Does that mean that having a person dressed as a nun telling people what your book is about will turn your book into a bestseller? Probably not. But guerrilla marketing—the idea of using a small amount of money to do something unconventional—should be a part of every writer’s book marketing strategy.
Here are five tips to consider as you develop your campaign:
Weird for the Sake of Weird Is Weird
At first glance, it might sound funny when you log onto a website and see that for only five bucks, you can get someone to sing about your book, while hula hooping, in a bikini—but avoid the temptation of hiring that person to market your book. Weird is fine, and weird can work, but there has to be a reason for it.
Be Careful of the “Expert”
The rise of freelancing websites has made it possible for anyone to say they are an expert. The trouble is many are not. If you are considering hiring a marketer or publicist, you can find plenty on the cheap—but more often than not, they’re cheap for a reason. As you go through the process of selecting someone to help you, make sure you see their track record—who have they worked for, and, if possible, talk to a few authors who have worked with them. Consider also using freelance marketplaces like Reedsy, which is more focused on the publishing industry. Or better still, ask your friends in the publishing industry for recommendations and pay attention to experts recommended by publishing associations or established industry publications.
When It Comes to Likes Think Quality Over Quantity
For just a few dollars, you can get 10,000 people to follow you on Twitter. Never mind the fact that the people aren’t real. There’s plenty of self-described influencers—people who say, “I’ll promote your book to my 250,000 followers.” Don’t take the bait! You are better off spending a few dollars getting your messages out to a few dozen people who might actually buy your book than thousands who won’t. A targeted audience is the best audience. In the case of buying followers, you might even get banned. While it might sound impressive to say you have 15,000 followers, it will come back to haunt you. The only way to build your platform is organically.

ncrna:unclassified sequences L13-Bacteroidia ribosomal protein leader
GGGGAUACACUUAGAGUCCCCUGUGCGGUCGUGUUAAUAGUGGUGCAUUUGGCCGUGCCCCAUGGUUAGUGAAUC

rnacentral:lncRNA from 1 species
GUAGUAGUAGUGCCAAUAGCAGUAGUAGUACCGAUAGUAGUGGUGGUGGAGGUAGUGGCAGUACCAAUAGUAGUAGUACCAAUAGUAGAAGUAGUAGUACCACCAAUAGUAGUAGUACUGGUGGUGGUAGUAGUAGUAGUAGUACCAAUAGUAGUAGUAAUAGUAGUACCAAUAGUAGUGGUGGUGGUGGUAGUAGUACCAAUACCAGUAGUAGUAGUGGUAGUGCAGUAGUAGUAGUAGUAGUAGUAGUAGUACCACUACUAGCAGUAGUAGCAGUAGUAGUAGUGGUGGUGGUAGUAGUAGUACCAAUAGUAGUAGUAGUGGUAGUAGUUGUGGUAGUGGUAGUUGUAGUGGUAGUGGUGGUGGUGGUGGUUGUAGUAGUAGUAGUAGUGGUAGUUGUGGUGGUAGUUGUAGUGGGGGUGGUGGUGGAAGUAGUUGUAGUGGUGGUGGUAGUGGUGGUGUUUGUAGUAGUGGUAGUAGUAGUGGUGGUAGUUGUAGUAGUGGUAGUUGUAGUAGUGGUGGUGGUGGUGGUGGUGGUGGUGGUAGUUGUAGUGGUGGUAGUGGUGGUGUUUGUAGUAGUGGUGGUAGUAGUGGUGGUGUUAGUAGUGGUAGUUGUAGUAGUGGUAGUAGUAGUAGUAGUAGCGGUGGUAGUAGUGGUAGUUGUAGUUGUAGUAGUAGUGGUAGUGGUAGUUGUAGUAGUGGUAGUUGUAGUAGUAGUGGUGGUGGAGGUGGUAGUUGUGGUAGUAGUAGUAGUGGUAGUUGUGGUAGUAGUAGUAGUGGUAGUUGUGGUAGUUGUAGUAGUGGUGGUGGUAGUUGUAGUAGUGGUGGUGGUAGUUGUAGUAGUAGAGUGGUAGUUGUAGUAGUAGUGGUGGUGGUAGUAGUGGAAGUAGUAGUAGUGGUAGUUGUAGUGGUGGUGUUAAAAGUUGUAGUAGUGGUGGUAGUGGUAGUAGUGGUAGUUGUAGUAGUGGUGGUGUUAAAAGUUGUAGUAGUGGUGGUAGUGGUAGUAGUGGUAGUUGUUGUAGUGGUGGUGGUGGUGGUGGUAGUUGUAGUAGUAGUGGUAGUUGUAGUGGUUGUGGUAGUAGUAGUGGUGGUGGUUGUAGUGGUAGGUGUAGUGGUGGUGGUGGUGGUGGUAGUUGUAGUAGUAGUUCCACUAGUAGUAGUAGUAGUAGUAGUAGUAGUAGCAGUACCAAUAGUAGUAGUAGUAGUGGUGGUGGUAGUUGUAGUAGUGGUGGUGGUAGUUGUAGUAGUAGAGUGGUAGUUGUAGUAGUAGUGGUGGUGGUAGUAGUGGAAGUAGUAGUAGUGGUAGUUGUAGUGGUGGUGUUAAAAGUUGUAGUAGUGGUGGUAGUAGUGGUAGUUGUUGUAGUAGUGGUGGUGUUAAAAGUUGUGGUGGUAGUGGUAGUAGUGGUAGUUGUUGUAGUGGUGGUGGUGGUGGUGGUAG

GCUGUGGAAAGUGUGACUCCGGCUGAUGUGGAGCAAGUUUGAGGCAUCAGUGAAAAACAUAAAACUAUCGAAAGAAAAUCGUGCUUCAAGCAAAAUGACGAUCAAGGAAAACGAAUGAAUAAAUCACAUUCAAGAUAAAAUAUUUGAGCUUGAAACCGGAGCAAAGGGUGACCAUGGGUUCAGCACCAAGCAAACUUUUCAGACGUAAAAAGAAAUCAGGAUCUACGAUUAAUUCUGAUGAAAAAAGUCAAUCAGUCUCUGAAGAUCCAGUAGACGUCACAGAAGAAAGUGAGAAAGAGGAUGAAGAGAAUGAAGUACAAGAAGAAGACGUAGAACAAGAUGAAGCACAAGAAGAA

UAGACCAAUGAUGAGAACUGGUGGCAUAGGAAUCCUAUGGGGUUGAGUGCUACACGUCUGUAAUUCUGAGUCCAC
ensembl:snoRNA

Promotional Items That People Want
Hosting a giveaway with a $50 Kindle Fire? It will get people to enter, for sure, but the Kindle Fire is an easy-to-find product that many people already have. In short, nobody gets excited for that giveaway. But doing a giveaway for a $60 NES Classic, which is much harder to find—that’s going to do better. If your book is a history of Nintendo, then, by all means, do it! But remember you want people to enter that might ultimately buy your book, so make sure you’re doing a giveaway that’s going after the right audience. Ask yourself who your audience is, and what can you offer them that will make them enthusiastic. Offering them something that is in no way related to your book is a good way to get people who are only in it for the prize and don't actually care what your book is about. Once again, a targeted audience is the best audience.
Think Outside the Bookstore
Bookstores are the obvious setting for author readings—but obvious isn’t always the best. Think about settings that might tie into your book. Years ago, when Neal Pollack released his first book, "The Neal Pollack Anthology of American Literature," he did a reading in the bathroom of a train station; 15 people showed up to the reading, but the story of an author doing a reading in a bathroom went viral and helped sell more books. It worked for Pollack in part because the book was a humor book. A train station bathroom probably won’t help your book sell more copies, but remember: bookstores aren’t the only place for a reading.
Let me know if you try any of the tactics listed here and how they work for you.
To Your Success,